* Olivier Mosset @ Mary Boone Gallery / 745 5th Ave. Two treats from the solid conceptualist, four zoomed-in found-abstractions from the '80s and '90s and 10 brand-new milky-hued polyurethane monochromes. The latter are installed together in a meditation-like room in the side gallery. The former are incredible, and huge, like you could lose yourself tracing the path of that orange zigzag across "Juke" (1990) and its 20-ft of horizontal length. Or even wilder, the superflat and eerily dense red monochrome, untitled and from the mid-'80s, that fills and practically swallows up an entire gallery wall, its width and floor to ceiling. How often is it a "minimalist" rendering draws such a strong, almost physical, reaction?

* "Minor Cropping May Occur (selected diaries 1962-2011") @ Lombard-Freid Projects / 518 W 19th St. Photographer Nick Haymes co-curated this international grouping of 13 photo-based artists, spanning continents and generations, who each present a diary-like narrative series. Keizo Katajima's deliciously contrasty b&w prints (mostly from his "Tokyo '79" series, which haven't been exhibited since their original show in Japan) bear the intrinsic grit of that endlessly futuristic metropolis, while Haymes' own "Zoloto" series (though shot over time) retains a refreshingly cool burst of air throughout, in his (im)perfect documentation of his Russian in-laws. Beautiful chaos reigns in varying degrees, in the oblong POV in Nick Waplington's "Living Room" series and, more readily intriguing for this writer, Motoyuki Daifu's family's cozily crowded house. Takashi Homma and Hiromix both offer sublime, peaceful examples, his in the stillness and intimate six-year series "Tokyo and My Daughter", Hiromix's in her sun-streaked interiors and glades of cherry blossoms.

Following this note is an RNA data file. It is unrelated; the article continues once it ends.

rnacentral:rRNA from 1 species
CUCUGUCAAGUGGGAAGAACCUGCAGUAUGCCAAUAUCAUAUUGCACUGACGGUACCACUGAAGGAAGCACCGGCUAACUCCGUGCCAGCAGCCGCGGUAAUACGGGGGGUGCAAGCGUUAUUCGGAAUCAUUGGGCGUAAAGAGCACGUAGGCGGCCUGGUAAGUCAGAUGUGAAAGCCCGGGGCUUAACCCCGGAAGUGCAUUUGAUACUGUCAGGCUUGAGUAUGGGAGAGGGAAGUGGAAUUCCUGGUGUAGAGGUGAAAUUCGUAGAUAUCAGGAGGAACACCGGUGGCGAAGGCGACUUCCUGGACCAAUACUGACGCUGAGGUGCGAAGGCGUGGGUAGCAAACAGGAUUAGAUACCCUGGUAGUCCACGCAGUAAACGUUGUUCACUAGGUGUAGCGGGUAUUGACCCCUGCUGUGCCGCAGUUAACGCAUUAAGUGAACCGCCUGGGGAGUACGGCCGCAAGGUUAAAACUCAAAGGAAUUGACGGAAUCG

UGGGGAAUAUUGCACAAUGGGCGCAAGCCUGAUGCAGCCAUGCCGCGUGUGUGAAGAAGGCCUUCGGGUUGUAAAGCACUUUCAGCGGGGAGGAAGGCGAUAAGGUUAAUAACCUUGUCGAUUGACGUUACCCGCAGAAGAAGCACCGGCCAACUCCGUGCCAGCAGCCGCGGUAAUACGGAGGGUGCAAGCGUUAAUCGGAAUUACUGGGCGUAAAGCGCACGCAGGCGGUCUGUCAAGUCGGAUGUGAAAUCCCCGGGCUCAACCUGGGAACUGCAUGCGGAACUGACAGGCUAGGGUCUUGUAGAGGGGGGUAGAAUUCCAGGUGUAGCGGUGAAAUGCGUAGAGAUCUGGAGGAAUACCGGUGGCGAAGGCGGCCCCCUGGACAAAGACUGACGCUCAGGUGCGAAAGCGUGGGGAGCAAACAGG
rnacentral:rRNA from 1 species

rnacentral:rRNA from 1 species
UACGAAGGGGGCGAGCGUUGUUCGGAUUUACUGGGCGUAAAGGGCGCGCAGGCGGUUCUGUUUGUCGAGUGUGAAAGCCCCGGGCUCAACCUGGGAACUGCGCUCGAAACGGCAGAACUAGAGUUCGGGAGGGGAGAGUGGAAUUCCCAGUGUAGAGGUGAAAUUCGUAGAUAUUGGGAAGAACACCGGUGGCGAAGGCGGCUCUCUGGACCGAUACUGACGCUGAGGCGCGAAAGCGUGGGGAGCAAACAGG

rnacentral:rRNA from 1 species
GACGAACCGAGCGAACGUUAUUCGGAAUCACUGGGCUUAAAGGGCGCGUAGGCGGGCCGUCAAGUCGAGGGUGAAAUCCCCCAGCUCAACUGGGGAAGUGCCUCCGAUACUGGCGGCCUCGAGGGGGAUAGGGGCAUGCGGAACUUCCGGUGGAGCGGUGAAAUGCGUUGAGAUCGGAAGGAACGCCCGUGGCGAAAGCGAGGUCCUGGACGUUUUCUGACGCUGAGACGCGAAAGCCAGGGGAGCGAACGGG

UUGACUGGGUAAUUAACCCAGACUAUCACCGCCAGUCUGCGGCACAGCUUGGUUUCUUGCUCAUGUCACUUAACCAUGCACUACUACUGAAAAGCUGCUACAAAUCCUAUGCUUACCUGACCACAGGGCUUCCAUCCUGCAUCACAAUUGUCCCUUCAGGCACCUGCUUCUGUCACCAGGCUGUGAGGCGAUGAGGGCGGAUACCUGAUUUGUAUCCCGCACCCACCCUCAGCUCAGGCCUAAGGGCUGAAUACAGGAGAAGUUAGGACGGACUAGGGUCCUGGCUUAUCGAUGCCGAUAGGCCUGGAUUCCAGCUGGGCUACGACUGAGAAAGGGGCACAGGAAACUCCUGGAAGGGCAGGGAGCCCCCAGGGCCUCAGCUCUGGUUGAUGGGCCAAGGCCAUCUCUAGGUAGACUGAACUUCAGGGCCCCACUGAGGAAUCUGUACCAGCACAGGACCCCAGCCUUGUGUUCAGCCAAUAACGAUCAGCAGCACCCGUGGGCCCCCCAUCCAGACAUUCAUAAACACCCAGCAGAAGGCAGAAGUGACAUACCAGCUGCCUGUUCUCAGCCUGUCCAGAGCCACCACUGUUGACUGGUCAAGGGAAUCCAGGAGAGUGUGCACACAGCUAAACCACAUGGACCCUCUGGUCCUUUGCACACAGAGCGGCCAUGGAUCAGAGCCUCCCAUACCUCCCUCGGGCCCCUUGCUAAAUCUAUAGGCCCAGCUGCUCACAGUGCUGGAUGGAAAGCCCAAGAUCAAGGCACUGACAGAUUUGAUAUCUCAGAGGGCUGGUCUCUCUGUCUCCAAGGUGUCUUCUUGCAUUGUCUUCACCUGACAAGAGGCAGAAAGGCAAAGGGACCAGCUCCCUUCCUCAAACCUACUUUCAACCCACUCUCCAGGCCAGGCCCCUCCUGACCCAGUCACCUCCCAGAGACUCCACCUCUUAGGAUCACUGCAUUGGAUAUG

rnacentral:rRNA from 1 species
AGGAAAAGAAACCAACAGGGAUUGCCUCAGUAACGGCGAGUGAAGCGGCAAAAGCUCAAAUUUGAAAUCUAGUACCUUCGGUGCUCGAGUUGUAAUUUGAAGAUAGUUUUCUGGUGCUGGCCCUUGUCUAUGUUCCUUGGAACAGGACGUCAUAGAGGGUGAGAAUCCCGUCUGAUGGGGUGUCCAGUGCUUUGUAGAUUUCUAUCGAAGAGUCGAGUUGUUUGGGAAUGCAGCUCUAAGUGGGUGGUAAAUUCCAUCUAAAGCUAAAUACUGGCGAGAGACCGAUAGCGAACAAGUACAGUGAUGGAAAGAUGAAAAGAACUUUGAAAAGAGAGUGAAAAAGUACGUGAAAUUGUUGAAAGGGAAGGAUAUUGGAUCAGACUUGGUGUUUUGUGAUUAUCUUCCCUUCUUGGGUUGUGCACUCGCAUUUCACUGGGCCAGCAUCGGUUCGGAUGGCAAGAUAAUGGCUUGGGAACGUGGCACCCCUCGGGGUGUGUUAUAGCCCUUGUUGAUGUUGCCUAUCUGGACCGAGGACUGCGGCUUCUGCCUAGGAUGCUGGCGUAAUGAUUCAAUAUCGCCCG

* Sue de Beer "Depiction of a Star Obscured by Another Figure" @ Marianne Boesky Gallery / 509 W 24th St. Following de Beer's filmic work "The Ghosts" that debuted at the Park Ave Armory, she reveals an installation with short videos that rekindle aspects of her earlier work while furthering her work in perception and dream narratives. Her flickering slide projection here (runtime less than 2min) is but one element to the greater installation, feat. twinkly shadow screens and a low-hanging translucent ceiling.

* Marcel Dzama "Behind Every Curtain" @ David Zwirner / 525 W 19th St. This is really wicked. Dzama puts it all on the table, so to speak, a fantastic centerpiece film "A Game of Chess", this surrealist affair feat. actors in geometric costumes and elaborate Dzama-esque masks dancing across a life-size chessboard, emulating the pieces' respective movements and challenges, augmented by his characteristic hyperdetailed, somehow Old Masters' style graphite, watercolor and ink renderings on paper (or scrolls!) and these fascinating cut-paper dioramas. Oh, and several spinning life-size sculptures, recalling the figures in "A Game of Chess", w/ properly moody lighting. Yowza.

* Michael Riedel "The quick brown fox jumps over the lazy dog" @ David Zwirner / 533 W 19th St. The dying embers of graphic designer that I still embody totally geeked out at Riedel's "click-aesthetic" exhibition. He's silkscreened the entire gallery w/ copy-pasted text from websites (incl. Zwirner's) that mentioned his name or works, plonked into InDesign text-boxes (source codes, gibberish and all), further abstracted w/ simple circular elements, and then printed out.